My mother by my side, I confidently strode to the town square to await my fate. Everywhere I looked, I'd see people with dark russet skin. Unlike me, with my olive skin. \"Lee Anne!\" Someone called my mother's name. When I looked, I saw one of my mom's friends. I didn't know her name, nor her husband's name. But, they had a 7-year-old daughter, named Rue. Rue was holding her mother's hand while standing behind her legs. Up close, she looks five. \"Hi, Rue!\" I said crouching down. She smiled slowly, and in the softest voice, she whispered, \"Hello.\" I stood up, and split from my mother to gain entry. I gave the Peacekeeper my invitation and was immediately sent to a corral filled with other sixteen-year-olds. My face brightened up when my friend Tazzy joined me. \"All of these people are gross.\" Tazzy said loudly. \"When is this shit gonna' end?\" \"I don't know, wanna' stay over at my house tonight?\" I asked her. \"Sure, I hope I'm not reaped.\" The second she said that, I knew she wasn't worried at all \"I know, me too.\" I said to humor her. \"If I'm reaped, you have to volunteer!\" Tazzy laughed and said, \"Back at you!\" We both knew, of course, we weren't going to get reaped. Most of these people had no food, and were forced to take tesserae. Tesserae was a year's supply of oil and grain that someone aged from twelve to eighteen can exchange a extra entry in the reaping ball for. I didn't know much about tesserae, nor would I ever need to. Suddenly, the temporary stage that was set up became vacant with the mayor, my mother, and a few other officials. Then, sporting the Capital's...interesting...fashion, a lady named Dori Jewel. She must love green, because that's all she wore. It was absolutely hideous, in District 11. In the Capital, this was the most beautiful thing you could ever wear. But, if I ever lived in the Capital, I'd still think dying your skin a light green would be a tad odd.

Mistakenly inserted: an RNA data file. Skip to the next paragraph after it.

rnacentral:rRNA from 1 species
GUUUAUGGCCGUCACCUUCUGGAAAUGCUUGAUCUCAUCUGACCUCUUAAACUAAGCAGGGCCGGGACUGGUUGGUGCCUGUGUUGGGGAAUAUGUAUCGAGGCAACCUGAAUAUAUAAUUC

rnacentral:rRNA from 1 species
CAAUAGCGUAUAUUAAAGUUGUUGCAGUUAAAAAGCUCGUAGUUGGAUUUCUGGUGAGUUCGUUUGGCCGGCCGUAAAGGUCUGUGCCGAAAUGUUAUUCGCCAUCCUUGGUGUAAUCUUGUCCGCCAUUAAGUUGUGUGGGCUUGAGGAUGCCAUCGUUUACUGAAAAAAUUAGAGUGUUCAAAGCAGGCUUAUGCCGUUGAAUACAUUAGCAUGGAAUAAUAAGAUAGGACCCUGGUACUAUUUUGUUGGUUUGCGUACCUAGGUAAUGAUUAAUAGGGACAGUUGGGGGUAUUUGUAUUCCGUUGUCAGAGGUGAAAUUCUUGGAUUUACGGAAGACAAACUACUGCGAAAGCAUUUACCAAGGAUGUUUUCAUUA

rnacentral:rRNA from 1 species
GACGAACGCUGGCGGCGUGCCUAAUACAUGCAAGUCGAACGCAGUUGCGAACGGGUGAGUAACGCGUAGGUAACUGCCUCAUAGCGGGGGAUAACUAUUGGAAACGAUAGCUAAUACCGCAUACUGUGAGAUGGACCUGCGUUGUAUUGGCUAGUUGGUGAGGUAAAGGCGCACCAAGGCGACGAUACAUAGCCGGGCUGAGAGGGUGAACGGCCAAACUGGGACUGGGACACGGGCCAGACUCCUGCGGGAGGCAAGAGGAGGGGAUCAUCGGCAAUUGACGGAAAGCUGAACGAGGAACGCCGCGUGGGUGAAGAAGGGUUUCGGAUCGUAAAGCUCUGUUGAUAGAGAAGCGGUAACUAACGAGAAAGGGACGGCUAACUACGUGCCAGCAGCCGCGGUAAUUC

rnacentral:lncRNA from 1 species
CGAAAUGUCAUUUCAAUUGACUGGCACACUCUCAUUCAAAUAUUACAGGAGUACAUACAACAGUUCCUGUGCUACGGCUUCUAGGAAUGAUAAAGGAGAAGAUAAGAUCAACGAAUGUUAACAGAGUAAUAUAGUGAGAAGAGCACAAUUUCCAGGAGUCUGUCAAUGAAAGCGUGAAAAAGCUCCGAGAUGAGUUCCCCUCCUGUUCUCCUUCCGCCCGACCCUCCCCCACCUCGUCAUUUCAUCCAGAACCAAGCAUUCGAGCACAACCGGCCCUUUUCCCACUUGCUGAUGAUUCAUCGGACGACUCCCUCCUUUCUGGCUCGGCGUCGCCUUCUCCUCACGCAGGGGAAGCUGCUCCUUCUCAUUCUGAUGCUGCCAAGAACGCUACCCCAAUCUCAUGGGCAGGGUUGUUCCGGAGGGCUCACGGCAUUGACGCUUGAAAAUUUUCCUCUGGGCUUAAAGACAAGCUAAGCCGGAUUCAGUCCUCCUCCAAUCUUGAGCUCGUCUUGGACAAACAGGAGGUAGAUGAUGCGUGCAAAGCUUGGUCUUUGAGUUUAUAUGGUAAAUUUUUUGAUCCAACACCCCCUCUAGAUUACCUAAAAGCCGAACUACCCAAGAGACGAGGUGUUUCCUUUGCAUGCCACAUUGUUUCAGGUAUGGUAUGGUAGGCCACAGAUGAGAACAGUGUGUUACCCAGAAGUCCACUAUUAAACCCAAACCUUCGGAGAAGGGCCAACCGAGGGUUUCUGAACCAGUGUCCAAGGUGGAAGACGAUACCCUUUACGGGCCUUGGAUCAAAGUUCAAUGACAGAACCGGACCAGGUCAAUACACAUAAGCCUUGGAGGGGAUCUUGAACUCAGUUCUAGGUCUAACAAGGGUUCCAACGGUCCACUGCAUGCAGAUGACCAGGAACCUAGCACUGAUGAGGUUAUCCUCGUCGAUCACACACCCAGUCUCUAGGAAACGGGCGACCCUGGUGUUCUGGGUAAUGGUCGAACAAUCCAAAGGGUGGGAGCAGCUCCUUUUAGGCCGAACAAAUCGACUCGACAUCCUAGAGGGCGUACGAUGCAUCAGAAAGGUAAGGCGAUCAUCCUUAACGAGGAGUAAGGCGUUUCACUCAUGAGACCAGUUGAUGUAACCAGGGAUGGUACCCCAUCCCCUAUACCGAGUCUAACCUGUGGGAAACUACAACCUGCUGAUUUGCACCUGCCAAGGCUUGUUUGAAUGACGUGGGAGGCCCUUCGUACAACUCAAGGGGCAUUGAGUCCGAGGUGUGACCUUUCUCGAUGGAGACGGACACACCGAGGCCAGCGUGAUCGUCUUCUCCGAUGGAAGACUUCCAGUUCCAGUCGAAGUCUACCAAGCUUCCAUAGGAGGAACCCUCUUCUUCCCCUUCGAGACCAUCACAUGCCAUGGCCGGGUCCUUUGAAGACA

Dori started her speech, explaining the conception of the Hunger Games and what it serves. We all knew, thought she showed it every single year. The speech has ended with one of the most used statment in Panem, \"May the odds be ever in your favor.\" The way she talked was absolutely ridiculous, it sounded as if the last word of every sentence was interrupted by a hiccup.
The square was silent and Dori stalked to the glass ball on the left and said, \"Ladies first!\" She dipped her hand in the ball, shuffling through the thousands of names written on slips of paper. What ever name she drew, wouldn't be called, though. Whoever's name was drawnj the first time would be called. The Capital tries to hide this, though it's obvious. She drew a name, walked to the middle of the stage and quickly opened the paper for dramatic affect, as if she didn't have a name memorized already. She looked directly at us and said, \"The lady tribute for District Eleven will be-\" I yawned at the anti-climatic scenario \"-Willow Brown!\" Before I could react, I heard my mother's piercing scream.
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